A town-wide vote on a debt exclusion for the construction of a new Wellington Elementary school is unlikely to coincide with this November’s general election, according to a story posted on The Belmont Citizen Herald’s Web page. BCH editors and reporters interviewed State Treasurer Tim Cahill and other members of the State’s School Building Authority and pressed them for details of the status of the Wellington proposal, which the town has been mulling for almost a decade, even as conditions at the Wellington have festered (and the final price tag has ballooned). The Town’s plans, drawn up years ago, are now before the School Building Authority, but MSBA Executive Director Katherine Craven’s chief of staff, Matthew Donovan is quoted as saying that it’s unlikely that the Town will get the green light in time to get ballot language to Secretary of State Bill Galvin’s office by the deadline, next week.
According to Donovan, School Committee officials were told a few weeks ago that there was still a ways to go with the proposal — though its not clear if they were told that approval in time for the November election was impossible.
A number of factors seem to be complicating the already complicated approval process. A moratorium on new school building projects created an enormous backlog of requests by towns. By the time that was lifted, a souring economy and new programs, such as the Chapter 58 health reforms, have put the state’s balance sheet out of whack, even as soaring raw materials cost have cause construction costs to soar. The net effect seems to be that the SBA is applying extra scrutiny to every request and hedging its bets on which will be approved, and when, with additional design reviews and other hurdles that must be cleared before approval is given. Asked directly when Wellington parents should expect approval, Cahill punted.
“I don’t want to give [Wellington parents] hope because I’m not sure,” Treasurer Cahill is quoted as saying. “We are not going to do anything that we are not prepared … that we don’t feel confident … that there is control over.”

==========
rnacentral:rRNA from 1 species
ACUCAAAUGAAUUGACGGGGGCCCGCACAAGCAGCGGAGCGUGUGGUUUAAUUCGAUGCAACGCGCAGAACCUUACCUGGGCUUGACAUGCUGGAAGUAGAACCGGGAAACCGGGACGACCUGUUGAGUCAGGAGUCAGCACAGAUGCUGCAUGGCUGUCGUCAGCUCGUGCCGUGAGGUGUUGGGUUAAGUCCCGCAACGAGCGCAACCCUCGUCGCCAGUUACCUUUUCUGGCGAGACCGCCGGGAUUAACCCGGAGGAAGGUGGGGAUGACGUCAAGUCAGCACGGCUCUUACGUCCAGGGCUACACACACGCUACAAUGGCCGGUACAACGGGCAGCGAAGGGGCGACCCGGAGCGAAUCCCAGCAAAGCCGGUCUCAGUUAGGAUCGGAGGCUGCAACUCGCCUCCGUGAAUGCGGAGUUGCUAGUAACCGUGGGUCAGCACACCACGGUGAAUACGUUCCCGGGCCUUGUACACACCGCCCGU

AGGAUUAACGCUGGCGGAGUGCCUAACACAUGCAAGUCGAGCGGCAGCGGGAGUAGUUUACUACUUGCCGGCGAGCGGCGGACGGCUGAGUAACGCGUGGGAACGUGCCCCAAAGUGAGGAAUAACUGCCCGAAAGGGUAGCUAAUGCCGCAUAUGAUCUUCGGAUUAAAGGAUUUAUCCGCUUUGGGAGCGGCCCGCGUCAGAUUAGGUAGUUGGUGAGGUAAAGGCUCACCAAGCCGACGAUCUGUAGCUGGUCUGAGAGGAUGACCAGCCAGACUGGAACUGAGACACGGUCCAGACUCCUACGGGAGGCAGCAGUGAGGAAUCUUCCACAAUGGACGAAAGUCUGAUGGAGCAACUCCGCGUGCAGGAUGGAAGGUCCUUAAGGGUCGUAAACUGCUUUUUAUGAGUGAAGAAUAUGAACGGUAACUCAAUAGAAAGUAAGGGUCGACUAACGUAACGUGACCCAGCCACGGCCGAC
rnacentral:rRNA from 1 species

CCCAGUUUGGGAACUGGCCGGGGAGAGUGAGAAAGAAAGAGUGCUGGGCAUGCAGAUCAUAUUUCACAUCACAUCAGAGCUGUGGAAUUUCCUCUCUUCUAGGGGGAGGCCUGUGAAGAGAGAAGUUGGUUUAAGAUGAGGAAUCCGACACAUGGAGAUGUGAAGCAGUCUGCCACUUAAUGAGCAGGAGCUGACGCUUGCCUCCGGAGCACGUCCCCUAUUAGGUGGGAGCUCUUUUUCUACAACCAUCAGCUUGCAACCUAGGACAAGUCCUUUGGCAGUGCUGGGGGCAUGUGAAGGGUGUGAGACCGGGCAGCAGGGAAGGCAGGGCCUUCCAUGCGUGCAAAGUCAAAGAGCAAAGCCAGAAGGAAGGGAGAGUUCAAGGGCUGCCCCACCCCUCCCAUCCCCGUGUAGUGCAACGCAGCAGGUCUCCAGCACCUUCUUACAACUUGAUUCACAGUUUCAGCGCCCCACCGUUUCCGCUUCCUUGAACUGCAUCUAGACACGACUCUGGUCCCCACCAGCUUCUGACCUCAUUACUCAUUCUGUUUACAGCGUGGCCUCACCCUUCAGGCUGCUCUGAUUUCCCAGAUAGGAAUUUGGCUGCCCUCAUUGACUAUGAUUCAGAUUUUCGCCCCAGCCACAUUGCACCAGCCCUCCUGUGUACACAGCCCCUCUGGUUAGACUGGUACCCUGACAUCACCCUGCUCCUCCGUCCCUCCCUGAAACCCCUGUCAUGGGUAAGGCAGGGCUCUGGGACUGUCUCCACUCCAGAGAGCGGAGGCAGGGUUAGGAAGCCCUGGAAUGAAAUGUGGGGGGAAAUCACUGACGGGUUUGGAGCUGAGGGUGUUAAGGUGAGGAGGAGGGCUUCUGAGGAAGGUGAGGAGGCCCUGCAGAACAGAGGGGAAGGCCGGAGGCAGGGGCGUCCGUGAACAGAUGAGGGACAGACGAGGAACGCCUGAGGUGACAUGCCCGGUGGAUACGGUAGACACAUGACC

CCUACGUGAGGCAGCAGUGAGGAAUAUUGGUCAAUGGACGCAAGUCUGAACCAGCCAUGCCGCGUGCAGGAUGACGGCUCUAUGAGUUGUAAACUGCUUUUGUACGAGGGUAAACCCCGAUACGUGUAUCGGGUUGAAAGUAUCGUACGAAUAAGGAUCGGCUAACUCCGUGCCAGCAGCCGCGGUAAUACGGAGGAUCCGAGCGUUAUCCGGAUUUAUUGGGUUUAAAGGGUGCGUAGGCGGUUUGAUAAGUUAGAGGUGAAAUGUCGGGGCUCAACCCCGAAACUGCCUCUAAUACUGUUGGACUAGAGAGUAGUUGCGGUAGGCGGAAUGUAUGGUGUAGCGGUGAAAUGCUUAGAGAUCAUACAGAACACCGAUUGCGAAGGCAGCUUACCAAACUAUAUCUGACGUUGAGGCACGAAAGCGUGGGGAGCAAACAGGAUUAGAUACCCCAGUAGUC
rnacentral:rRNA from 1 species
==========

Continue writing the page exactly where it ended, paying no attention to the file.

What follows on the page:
Cahill has been battling publicly with the Patrick Administration over cost control. Most recently, he has floated a plan to standardize school designs for the state, allowing communities to choose from a small number of possible designs rather than doing each new school as a custom project. The plan comes, in part, in response to mushrooming projects like the Newton North High School, currently projected to cost $197 million. It doesn’t seem as if Belmont’s plans — and those of other communities — are running afoul of the standardization scheme, though it’s also unclear what the nature of design reviews that are delaying approval are.
Putting the Wellington issue before voters in November was widely seen as a good thing. This year’s closely followed Presidential election is expected to drive huge turnout at the polls, and would have ensured that a broad swath of the town’s voting population got to weigh in on the debt exclusion to fund the new school. By comparison, fewer than 5,000 voters — or around 32% of eligible voters in town — voted down a $2.5m debt exclusion for road construction in June.